After England's inglorious five wicket defeat to the West Indies in the final Test match in the Caribbean, the recriminations and fall out have begun in earnest. Alastair Cook's men failed to bowl out the hosts on the 3rd day, ensuring a drawn series. They face both the New Zealanders and Australians in Test series on English soil next, with several key decisions needing to be made quickly. One decision has been made for them, with Jonathan Trott's retirement from international #Cricket forcing the issue about his potential replacement at the top of the order.

Disappointment in the West Indies

The three-Test series in the West Indies had offered England some hope to regain confidence ahead of the tricky challenges to come.

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After taking a slender 1-0 lead after the Grenada match, Cook's side were hoping to assert their dominance in the final Test in Barbados. Their game plan went badly wrong though, as they squandered a first innings lead of 68 runs. A 2nd innings' batting collapse left them well short of setting a decent target for their hosts. The 'Windies' dug in to claim their victory by five wickets, Darren Bravo (82) and Jermaine Blackwood (47 not out) being their main heroes.

Captain Cook blames Graves' comments

With many cricket observers and fans clearly looking for scapegoats to blame for the inability to clinch the West Indies' series, Cook rather strangely turned on Colin Graves. The incoming England and Wales Cricket Board chief was alleged to have called the West Indies "mediocre" before the tour.

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Cook suggested that he had therefore provided them with all the motivation they needed to compete with the tourists.

Trott retirement forces the issue

34-year-old Trott has decided to retire from international cricket. He returned recently following an 18-month sabbatical due to a stress-related condition. Whether the thought of resurrecting the likely barrage from the pace bowlers in the upcoming Ashes' series influenced his decision seems slightly unclear. The harsh reality of just 72 runs in 6 Test innings in the Caribbean has left its mark though. Trott told the media that he didn't believe that his game was "at the level needed to play for England."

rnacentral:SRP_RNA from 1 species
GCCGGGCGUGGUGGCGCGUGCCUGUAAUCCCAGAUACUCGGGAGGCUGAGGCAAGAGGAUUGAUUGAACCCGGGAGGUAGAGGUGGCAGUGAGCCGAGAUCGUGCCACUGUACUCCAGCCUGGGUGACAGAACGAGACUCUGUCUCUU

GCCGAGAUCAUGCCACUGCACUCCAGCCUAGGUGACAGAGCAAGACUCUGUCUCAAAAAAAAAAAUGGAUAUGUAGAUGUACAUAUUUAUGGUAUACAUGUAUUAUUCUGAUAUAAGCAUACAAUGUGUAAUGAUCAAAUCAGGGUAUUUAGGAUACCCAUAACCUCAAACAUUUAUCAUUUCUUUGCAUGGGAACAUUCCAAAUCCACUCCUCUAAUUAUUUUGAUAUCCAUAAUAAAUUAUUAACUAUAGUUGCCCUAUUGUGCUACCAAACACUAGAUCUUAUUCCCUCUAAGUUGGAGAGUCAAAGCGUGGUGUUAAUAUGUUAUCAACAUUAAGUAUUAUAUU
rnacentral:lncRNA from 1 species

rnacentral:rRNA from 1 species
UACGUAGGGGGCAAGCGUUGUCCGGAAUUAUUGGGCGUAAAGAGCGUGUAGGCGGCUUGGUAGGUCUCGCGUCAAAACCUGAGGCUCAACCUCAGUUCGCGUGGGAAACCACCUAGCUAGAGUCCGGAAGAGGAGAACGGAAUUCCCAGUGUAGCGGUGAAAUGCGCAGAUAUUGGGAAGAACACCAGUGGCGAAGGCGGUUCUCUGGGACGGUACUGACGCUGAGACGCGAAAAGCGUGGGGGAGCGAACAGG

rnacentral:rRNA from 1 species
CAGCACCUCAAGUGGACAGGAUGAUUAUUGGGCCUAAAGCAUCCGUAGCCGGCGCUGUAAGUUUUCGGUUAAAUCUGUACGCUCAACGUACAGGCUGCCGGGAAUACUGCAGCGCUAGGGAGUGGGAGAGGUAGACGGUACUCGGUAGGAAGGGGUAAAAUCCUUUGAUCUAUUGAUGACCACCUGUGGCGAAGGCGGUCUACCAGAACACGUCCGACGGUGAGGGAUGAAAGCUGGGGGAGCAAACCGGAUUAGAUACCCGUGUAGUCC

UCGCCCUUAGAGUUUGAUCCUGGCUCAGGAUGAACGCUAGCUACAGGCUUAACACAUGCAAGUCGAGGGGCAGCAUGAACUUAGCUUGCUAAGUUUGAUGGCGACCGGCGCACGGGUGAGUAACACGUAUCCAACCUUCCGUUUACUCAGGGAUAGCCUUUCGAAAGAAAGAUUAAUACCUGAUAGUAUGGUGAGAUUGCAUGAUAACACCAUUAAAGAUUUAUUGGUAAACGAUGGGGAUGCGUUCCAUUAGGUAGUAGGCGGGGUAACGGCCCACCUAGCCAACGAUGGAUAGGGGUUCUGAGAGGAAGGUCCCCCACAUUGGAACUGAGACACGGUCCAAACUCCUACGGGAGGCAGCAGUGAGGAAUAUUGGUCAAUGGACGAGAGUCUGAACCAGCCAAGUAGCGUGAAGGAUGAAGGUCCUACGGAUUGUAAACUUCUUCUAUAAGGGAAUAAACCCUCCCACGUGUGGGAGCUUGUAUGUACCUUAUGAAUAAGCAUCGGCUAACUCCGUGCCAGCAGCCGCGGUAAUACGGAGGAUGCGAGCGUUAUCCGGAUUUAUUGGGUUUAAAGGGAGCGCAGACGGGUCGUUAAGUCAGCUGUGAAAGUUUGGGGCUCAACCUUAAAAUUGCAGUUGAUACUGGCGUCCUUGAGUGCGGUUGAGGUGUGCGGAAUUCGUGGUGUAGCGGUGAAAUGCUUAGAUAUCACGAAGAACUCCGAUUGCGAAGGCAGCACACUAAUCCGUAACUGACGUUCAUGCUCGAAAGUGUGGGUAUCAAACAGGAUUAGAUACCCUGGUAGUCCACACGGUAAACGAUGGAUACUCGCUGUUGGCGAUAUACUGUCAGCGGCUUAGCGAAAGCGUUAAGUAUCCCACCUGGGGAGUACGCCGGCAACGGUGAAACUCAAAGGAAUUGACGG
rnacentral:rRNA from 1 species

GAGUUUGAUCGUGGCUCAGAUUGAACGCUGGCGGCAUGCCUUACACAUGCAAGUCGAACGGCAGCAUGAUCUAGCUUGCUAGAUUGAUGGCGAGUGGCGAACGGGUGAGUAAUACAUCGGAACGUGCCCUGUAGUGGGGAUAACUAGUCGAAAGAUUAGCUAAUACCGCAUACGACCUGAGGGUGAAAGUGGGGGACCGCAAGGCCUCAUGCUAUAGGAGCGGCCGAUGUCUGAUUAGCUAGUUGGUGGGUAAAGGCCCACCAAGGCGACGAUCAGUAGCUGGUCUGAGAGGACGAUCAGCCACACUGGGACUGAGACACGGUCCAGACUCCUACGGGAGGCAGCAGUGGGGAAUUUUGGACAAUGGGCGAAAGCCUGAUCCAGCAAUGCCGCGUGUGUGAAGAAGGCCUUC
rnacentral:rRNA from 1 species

What next for England?

England play two Tests against New Zealand starting at the end of the month and then face the Aussies in 5 Tests through July and August. Trott needs to be replaced in the key opener's position alongside Cook. Adam Lyth of Yorkshire was in the touring party in the West Indies but didn't feature in the Test matches, but may be a natural replacement.

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He scored a stack of runs for his county side last season and the selectors may well hope he takes to Test cricket in a similar manner to his teammate Gary Ballance.

The spinners are a major concern. Neither Moeen Ali nor Joe Root seem to be the solution, although they may be used as a stop gap. Adil Rashid was another to travel but not play against the West Indies, yet could be a good option on English wickets. James Tredwell could yet come back after taking wickets in the first Test in Antigua, yet seems better suited to ODIs.

The jury is still out on whether Kevin Pietersen or Monty Panesar still have a future with England. Whoever gets the ECB director of cricket role may have a major bearing on those considerations. Former captains Andrew Strauss and Michael Vaughan have both been mentioned in that regard.

It could turn out to be a long summer for English cricket in more ways than one.